Thursday, March 8, 2012

What Is It About Greece?

by Matina Stevis

Wall Street Journal

March 8, 2012

The Greek debt restructuring, now in its final stretch, is “being as closely watched as a U.S. presidential election,” a market participant quips. But, why, one might ask, are people prepared to put themselves through the process of memorizing acronyms, learning about complicated legal maneuvers and following what has been an exhausting process, if they’re not getting paid to do so or have some financial interest at stake?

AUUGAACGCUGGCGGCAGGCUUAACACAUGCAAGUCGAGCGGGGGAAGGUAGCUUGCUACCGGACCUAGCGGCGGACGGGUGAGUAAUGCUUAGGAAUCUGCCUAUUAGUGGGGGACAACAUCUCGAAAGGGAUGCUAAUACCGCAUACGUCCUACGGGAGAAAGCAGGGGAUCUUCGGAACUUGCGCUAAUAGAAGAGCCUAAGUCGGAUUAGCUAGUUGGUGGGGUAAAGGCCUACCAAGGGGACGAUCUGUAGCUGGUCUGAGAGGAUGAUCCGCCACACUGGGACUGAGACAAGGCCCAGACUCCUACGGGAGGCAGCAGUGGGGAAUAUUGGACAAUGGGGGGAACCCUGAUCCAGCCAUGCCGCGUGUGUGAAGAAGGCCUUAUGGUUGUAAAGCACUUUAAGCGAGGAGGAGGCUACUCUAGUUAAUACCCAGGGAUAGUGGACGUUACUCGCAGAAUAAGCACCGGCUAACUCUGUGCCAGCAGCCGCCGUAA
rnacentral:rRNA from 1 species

For one thing, the Greek PSI–“private-sector involvement”, a euphemism for “banks and funds admitting finally that they have lost lots of money”–is important. Here are a few reasons why:

At €207 billion, it is the largest sovereign-debt restructuring in the colorful history of such undertakings.

It also gets a lot of (bad) firsts: It’s the first restructuring in the history of the euro zone and the first non-war-related restructuring in an advanced economy.


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